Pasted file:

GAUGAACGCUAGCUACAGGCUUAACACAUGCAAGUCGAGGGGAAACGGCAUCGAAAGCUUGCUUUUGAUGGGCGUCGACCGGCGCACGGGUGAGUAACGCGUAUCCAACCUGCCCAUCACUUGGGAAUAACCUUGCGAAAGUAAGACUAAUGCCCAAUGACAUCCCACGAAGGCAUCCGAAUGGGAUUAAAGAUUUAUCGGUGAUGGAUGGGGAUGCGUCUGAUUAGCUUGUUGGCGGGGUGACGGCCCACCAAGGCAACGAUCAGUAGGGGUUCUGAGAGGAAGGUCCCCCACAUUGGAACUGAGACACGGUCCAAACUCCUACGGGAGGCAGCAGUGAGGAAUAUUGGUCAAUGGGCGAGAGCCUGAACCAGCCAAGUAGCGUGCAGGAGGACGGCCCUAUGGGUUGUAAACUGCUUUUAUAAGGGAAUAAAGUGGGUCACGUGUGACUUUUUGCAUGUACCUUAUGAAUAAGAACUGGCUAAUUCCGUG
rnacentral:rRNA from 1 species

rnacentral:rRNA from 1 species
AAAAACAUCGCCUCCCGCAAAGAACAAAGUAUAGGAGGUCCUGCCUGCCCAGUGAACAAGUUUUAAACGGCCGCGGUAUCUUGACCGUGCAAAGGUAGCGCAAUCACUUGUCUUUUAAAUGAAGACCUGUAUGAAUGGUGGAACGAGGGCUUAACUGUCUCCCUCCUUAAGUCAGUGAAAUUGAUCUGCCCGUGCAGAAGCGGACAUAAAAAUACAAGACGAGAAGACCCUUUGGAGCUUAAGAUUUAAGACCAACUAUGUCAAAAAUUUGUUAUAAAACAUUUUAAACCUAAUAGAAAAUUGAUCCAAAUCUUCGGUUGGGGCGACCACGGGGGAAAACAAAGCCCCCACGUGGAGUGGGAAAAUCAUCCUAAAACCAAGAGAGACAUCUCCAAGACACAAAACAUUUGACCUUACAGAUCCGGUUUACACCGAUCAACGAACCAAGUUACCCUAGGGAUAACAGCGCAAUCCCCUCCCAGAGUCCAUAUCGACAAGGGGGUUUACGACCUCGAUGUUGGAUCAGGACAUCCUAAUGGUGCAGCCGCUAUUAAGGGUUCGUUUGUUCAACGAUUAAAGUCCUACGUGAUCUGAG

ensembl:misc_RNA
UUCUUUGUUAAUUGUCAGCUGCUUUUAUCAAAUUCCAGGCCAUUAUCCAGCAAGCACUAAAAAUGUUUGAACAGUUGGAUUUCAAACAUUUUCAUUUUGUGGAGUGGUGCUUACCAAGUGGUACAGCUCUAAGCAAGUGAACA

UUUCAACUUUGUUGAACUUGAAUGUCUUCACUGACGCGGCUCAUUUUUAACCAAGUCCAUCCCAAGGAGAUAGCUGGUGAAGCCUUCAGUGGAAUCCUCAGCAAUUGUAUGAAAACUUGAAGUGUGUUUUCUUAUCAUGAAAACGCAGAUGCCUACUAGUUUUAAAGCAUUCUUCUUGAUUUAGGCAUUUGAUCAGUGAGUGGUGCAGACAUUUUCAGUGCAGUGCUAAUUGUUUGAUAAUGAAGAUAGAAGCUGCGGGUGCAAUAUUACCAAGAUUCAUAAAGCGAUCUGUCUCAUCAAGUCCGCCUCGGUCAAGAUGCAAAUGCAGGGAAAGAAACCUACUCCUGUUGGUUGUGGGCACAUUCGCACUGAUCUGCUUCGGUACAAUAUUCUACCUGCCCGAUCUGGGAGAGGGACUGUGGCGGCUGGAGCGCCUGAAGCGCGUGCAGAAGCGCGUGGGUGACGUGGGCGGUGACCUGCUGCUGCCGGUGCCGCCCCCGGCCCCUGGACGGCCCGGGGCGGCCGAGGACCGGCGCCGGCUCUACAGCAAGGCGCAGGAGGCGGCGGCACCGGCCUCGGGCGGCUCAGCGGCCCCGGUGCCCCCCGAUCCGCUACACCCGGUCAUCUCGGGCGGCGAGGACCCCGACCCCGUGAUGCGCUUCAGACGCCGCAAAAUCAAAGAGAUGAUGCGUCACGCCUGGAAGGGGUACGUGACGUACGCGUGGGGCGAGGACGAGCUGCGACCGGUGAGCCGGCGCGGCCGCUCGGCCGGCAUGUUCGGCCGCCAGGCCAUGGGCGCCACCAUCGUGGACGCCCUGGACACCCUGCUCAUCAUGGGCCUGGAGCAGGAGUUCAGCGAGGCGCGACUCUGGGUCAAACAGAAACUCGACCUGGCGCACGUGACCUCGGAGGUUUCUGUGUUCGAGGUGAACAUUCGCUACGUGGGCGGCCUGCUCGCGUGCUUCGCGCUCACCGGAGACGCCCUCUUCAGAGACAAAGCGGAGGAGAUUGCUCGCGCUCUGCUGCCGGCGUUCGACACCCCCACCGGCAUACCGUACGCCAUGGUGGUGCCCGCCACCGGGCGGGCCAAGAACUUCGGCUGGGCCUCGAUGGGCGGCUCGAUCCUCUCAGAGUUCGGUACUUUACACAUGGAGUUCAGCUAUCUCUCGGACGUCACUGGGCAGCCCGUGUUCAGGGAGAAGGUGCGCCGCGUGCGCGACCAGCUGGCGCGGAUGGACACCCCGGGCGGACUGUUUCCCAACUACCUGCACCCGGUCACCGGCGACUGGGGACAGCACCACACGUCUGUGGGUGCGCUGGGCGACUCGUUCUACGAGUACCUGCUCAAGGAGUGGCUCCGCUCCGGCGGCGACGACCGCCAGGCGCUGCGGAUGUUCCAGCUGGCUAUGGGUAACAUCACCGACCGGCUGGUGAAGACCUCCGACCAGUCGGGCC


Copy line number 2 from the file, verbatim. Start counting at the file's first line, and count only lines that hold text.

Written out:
rnacentral:rRNA from 1 species